Allergies don’t just end with when spring changes to summer, unfortunately. Summertime weather means picnics, lake trips, hiking, and just generally enjoying the outdoors. But having summer allergies can throw a curve on your warm weather fun. There are two main allergy culprits that can leave you feeling congested.

Number one is, no surprise here, pollen. Pollen is in the air 365 days a year, and depending upon what the season is different pollens will be active. Usually the pollens of the spring come from trees and their leaves coming out. Late spring pollens tend to be from grass. And late July and August is weed pollen, mainly ragweed.

Surprisingly number two is mold. Many allergic reactions in the late summer and fall are due to outdoor mold. The warm weather of the summer can often lead to high humidity, which is the perfect environment for molds to grow.

If you suffer from either of these you’re either going to be congested with itchy, watery eyes and a runny nose if you get exposed. So, you can avoid the outdoors, take antihistamines to control the symptoms, get a long acting steroid shot from your doctor to turn off your immune systems response, get allergy shots from your doctor, or try a do it yourself desensitization by short regular exposures that you gradually make longer.

The first thing to realize with allergies is what Margie Profit told us years ago: to our immune systems allergies look like serious toxins. Because of this, and recognizing that the function of the immune system is to protect us from outside harmful substances, we argue here for a different option: let’s try helping our defenses do their job better so that the harmful allergens are washed out before they trigger the bothersome defenses.

The good news is that there is a safe, drug free, non-drowsy way to do this. A popular option is over the counter saline nasal sprays, which are drug free and don’t cause rebound congestion. The unfortunate thing about this option is that the salt in these sprays handicaps some of our defenses. The good news is that using a saline nasal spray with xylitol can fix the side effects that might come with a saline alone nasal spray.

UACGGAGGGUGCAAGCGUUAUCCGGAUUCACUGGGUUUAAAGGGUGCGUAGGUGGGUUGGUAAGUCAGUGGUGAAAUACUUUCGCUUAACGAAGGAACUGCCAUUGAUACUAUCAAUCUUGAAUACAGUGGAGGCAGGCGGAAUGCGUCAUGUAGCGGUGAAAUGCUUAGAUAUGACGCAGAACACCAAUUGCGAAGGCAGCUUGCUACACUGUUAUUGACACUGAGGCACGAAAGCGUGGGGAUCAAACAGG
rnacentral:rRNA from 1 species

Xylitol, while most commonly known as a sugar alternative, has a myriad of other health benefits, including oral and sinus.

The addition of xylitol to a saline nasal spray helps in several ways. First, it pulls water into the nose and helps moisten the nasal cavities. Where a saline solution often dries them out, xylitol will help keep the moisture in. Xylitol stays in the nose for several hours so this wetting lasts a while; and the increased moisture is the ket to optimizing this washing defense, which removes the allergens. For more on how xylitol works to help this defense read our earlier post here. This post has more to do with infections, but our nasal defenses against allergies are exactly the same–it tries to wash them out and histamine is the trigger for that back-up defensive washing. Hence it is also why we have antihistamines to block the defense. If you block the defense of your favorite football team they will lose the game, which is why we feel strongly about supporting our primary defense–so we don’t need the back-up.

Xylitol works for several hours, but the key in successful treatment is to keep your nose wet enough that your primary defenses are optimal; that means using it regularly, even every three or four hours–whatever it takes to keep your nose clean.

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